The top 10 Roth conversion mistakesArticle added by Jared Trexler on May 29, 2014
Ranked: #501 (169 pts)
Here are the top 10 critical Roth conversion mistakes.
1. Making a contribution when you are not eligible.
There are income limits for making a Roth IRA contribution, and they are indexed for inflation. You also must have compensation (generally earned income) in order to make a Roth contribution.
2. Contributing more than the annual limit.
In 2014, the most you can contribute to a Roth IRA is $5,500 (plus an extra $1,000 if you are age 50 or over during the year). Any amounts you contribute to a traditional IRA will reduce the amount you can contribute to a Roth IRA, dollar-for-dollar.
3. Funds being moved from IRA to IRA get put in a Roth IRA instead.
This could be due to advisor or client error, or one made by your IRA custodian. Always make sure funds land in the right account. On the other hand, since this is technically just an accidental Roth IRA conversion, you can always re-characterize the money back to a traditional IRA by October 15 of the year following the year the mistake occurred — if the error has been discovered. Follow up to be certain.
4. Doing a "back-door" Roth conversion and not using the pro-rata rule.
When doing a Roth conversion that includes after-tax amounts, you must include the balances of all IRA accounts, not just the account being converted. The pro-rata formula can be found on IRS Form 8606, which must be filed with the account owner's tax return.
5. Incorrect valuation of assets when doing a Roth conversion.
Many tax scams are based on undervaluing assets. This is also true when it comes to Roth IRA conversions. A fair market value must be used for the asset converted. A common example is an annuity contract with riders. Such riders can increase the fair market value of the annuity contract, increasing the tax you will owe if you do a Roth conversion of the IRA annuity.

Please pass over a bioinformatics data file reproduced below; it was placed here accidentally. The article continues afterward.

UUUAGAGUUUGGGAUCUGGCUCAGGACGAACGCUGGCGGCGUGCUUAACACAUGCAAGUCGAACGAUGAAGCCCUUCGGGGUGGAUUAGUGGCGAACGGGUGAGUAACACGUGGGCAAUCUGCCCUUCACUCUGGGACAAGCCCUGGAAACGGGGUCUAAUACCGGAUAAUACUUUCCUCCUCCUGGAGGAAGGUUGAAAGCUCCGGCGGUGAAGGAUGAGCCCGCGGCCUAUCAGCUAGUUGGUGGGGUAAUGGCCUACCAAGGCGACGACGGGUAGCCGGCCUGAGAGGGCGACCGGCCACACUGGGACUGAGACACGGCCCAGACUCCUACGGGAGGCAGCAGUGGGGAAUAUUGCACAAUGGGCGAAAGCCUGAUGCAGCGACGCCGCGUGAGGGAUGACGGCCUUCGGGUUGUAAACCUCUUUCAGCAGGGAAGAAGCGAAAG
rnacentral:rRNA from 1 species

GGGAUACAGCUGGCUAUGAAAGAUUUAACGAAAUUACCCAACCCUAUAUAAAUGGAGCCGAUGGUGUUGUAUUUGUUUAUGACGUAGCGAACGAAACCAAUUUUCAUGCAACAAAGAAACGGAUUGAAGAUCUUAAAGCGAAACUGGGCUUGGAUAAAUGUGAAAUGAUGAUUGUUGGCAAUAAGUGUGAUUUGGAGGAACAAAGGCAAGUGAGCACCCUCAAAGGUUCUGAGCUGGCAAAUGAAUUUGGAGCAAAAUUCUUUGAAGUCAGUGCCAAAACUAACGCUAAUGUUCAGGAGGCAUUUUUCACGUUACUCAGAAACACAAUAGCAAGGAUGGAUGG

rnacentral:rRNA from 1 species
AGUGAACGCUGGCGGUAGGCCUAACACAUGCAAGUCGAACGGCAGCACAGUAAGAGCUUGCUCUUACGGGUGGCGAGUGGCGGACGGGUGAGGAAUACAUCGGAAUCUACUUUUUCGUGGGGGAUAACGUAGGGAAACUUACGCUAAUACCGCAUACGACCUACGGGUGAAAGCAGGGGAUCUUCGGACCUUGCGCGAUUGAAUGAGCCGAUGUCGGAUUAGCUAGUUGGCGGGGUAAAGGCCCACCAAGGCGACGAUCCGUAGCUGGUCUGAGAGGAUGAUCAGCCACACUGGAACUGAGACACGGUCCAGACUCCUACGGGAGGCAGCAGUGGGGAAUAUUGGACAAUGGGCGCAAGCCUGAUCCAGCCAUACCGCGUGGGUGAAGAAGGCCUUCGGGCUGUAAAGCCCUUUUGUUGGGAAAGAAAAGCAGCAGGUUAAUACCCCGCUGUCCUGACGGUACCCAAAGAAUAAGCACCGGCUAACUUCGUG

6. Shifting self-employment or business income into a Roth IRA to avoid income tax.
This was a popular strategy for several years, which the IRS has now made a listed transaction. It generally involves multiple entities and a self-directed Roth IRA. Eventually, earnings accrue to the Roth IRA and are never taxed as income — or at least that's what a number of taxpayers thought before the IRS and the Tax Court hit them with, in some cases, millions of dollars in penalties and interest.
7. Doing a re-characterization and not reporting the conversion/re-characterization on the tax return.
Sometimes people mistakenly believe that, since a full re-characterization effectively cancels out a Roth conversion, nothing has to be reported on their tax return. That's not true. Certain information, such as gross distribution reported on a 1099-R by a traditional IRA custodian for the conversion, must be reported on your tax return no matter what.
8. Doing a conversion directly from an employer plan to a Roth IRA and not reporting the conversion on the tax return.
This is generally an oversight. The 1099-R from the employer plan will have a Code G for a direct rollover to another plan. This is generally a non-taxable event, but now when the assets go to a Roth IRA. CPAs in the midst of tax season may overlook this unless you remember to tell them that your direct rollover was actually a Roth IRA conversion.
9. Beneficiaries of inherited IRAs not taking RMDs.
If you have your own Roth IRA account, there are no required distributions during your lifetime. When a non-spouse beneficiary inherits a Roth IRA, however, they do have required distributions beginning in the year after the account owner's death. The Roth IRA custodian is under no obligation to tell the beneficiary about those distributions or to calculate them.
10. The biggest mistake of all? Not having a Roth IRA in the first place.
You are never too old to do a conversion, and you are never too young to start contributing to either a Roth IRA or an employer Roth account.
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